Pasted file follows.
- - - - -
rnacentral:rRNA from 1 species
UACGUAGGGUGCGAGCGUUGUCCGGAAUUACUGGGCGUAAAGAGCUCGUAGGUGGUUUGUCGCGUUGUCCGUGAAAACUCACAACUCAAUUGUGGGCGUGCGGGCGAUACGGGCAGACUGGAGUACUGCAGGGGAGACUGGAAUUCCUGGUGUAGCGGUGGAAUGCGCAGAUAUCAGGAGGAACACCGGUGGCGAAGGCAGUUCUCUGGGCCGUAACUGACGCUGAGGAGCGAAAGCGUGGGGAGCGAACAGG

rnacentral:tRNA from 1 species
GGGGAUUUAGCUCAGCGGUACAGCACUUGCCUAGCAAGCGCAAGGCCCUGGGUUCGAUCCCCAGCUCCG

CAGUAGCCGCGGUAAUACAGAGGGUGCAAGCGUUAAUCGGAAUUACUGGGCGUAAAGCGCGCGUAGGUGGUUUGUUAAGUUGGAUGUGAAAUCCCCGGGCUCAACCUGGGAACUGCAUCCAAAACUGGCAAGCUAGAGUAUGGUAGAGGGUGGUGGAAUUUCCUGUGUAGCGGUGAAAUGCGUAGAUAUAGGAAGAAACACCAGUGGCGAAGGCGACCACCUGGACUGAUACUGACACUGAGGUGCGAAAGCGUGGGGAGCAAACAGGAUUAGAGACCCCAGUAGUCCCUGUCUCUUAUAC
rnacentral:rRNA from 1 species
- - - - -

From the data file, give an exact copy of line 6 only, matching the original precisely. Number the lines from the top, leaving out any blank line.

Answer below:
rnacentral:rRNA from 1 species